This column is being reproduced with the permission of Steve Smith, The Whistling Gardener, and owner of Sunnyside Nursery in Marysville.
Gardening with perennials can be tricky. Unlike annuals that will bloom all summer long, perennials have their own specific blooming seasons - ranging from late winter to early spring, early summer, late summer, and even fall and winter.
For the most part, perennials have a bloom period that lasts around five to six weeks and then they are done for the year. But like every rule in life, there are some exceptions. There are some perennials that have very long blooming seasons and will give you a lot more bang for your buck. Here are some to try that will bloom for several months, instead of just several weeks…
Geranium “Rozanne”— This is a true or hardy geranium, not to be confused with the annual one that we put in containers for summer long blooms (those are technically Pelargoniums). There are oodles of hardy geraniums (also known as cranesbills) that grow well in full sun and range in color from white to dark purple and you can find them on sun loving perennial tables in the garden center this time of year.
“Rozanne” came out a few years back as a replacement for “Johnson’s Blue” and it is a huge improvement. The violet blue flowers are almost three inches across and continually bloom for over three months. “Rozanne” will spread out in the garden and cover an area four feet around and two feet high by the end of the summer. Cut it back to the crown in spring and it will do it all over again.
Coreopsis “Moonbeam” — Commonly known as tickseed or thread-leaf tickseed, “Moonbeam” was introduced way back in 1992. I planted a clump at my church in Marysville over 25 years ago and it blooms all summer long with minimal attention needed.
“Moonbeam” has buttery yellow blooms on 12” to 18” upright stems clothed with narrow linear leaves. Since “Moonbeam” was introduced, there has been a whole slew of new hybrids with bigger flowers and a broader range of warmer colors. Other than watching for coreopsis beetles, these plants are virtually maintenance free.
Russian Sage (Perovskia atriplicifolia) — This is an extremely drought tolerant perennial that some tend to confuse with lavender. Its spires of sky-blue flowers can reach four feet high and will continue to bloom for ten weeks, no matter how hot or dry the garden gets. When I traveled to Colorado last August for my son’s wedding it was one of the only perennials still in bloom, unless you count the ornamental grass “Karl Forester” (which is also a long blooming perennial).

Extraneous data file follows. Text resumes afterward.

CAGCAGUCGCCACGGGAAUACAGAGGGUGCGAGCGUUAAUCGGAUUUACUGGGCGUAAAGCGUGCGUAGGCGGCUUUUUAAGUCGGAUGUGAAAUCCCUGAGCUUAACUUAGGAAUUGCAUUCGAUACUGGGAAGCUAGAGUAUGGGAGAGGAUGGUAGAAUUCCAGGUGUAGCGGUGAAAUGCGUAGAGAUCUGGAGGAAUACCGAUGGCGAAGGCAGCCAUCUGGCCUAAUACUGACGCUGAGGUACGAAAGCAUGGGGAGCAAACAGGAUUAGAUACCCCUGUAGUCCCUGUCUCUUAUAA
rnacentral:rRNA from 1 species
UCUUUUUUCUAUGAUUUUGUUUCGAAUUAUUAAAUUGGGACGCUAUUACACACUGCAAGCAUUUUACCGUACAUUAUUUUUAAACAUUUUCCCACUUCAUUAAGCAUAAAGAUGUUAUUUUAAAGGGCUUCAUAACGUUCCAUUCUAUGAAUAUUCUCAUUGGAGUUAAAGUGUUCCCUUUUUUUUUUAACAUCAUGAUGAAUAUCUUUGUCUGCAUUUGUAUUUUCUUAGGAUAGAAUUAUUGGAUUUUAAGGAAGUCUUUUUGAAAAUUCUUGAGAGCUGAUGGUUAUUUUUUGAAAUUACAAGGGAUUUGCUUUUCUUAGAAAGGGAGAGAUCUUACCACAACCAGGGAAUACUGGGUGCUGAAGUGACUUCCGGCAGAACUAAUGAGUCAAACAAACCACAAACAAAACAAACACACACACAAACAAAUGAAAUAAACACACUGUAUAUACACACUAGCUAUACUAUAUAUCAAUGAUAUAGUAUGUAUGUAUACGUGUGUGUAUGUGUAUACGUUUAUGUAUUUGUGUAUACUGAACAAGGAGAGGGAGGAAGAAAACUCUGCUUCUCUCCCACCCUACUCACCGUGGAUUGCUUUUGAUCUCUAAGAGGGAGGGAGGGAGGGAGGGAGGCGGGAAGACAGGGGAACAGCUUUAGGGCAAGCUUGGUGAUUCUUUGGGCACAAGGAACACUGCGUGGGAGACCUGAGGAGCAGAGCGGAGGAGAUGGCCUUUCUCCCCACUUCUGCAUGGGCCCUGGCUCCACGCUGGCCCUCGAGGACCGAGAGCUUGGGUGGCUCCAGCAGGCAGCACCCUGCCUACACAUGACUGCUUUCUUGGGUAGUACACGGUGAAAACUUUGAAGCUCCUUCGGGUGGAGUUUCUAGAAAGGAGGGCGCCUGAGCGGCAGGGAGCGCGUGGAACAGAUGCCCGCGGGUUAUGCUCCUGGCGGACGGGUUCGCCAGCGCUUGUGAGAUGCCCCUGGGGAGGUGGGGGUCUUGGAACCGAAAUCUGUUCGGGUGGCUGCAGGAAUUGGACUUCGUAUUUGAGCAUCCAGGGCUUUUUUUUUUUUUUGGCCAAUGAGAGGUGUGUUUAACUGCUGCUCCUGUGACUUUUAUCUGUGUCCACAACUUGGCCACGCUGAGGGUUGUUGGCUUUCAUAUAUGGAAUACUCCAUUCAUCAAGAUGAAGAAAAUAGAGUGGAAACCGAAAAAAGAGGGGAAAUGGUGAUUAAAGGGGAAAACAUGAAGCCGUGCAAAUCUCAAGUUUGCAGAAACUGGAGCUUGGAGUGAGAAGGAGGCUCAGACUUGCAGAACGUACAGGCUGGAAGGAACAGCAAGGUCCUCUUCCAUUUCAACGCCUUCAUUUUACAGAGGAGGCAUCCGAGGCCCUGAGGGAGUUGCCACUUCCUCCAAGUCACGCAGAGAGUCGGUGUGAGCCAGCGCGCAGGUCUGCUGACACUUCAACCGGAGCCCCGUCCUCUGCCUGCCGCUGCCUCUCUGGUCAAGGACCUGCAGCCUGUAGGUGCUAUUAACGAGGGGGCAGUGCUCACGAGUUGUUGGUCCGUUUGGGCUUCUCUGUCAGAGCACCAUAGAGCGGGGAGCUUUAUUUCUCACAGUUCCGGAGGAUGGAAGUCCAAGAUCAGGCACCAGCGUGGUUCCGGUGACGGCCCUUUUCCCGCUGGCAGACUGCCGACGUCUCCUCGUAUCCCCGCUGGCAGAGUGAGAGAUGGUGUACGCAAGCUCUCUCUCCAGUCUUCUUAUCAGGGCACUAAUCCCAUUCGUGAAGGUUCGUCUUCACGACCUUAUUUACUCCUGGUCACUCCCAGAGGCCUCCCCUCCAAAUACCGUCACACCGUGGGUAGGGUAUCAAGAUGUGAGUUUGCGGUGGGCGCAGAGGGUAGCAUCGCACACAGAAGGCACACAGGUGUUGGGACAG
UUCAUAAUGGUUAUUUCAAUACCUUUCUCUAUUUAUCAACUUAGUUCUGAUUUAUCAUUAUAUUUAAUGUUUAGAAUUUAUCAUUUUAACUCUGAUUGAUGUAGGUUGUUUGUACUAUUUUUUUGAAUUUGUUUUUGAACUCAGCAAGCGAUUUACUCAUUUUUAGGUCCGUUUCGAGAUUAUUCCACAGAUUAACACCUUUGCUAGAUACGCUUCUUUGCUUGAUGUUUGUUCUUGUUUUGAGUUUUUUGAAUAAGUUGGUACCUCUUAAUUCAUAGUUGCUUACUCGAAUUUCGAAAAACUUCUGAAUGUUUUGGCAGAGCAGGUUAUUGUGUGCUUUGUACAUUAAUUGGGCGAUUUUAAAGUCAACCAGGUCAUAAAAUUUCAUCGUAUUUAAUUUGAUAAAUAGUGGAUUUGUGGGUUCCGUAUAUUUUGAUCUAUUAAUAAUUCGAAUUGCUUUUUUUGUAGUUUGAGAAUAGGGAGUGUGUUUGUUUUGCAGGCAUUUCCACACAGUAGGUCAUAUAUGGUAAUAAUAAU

Jupiter’s Beard (aka Red Valerian) — Centranthus ruber is one of my all-time favorite perennials. I grew up with it in California where it tended to self-sow freely, in colors ranging from white to shades of pink to red. If you dead head the flowers it will keep blooming all summer long. While some gardeners might consider this plant a weed, I look forward every season to finding new seedlings to nurture and bring into bloom. It never ceases to bring me enjoyment.
Allium “Millenium” — This is a flowering onion that literally blooms all summer long. I tried one out last year and it bloomed throughout the summer with two-inch diameter, rounded flower clusters in a cheerful shade of lavender purple. The flowers attracted every bee, butterfly, and beneficial insect for miles around. After the blooms faded, I left them up all winter long for added interest.
There are of course other long blooming perennials to experiment with as we move head long into the planting season. Plan on visiting the garden center several times this month so you don’t miss out on any of the goodies. In the meantime, stay safe and keep on gardening!
Steve Smith is the owner of Sunnyside Nursery in Marysville, WA, and can be reached at email@example.com.
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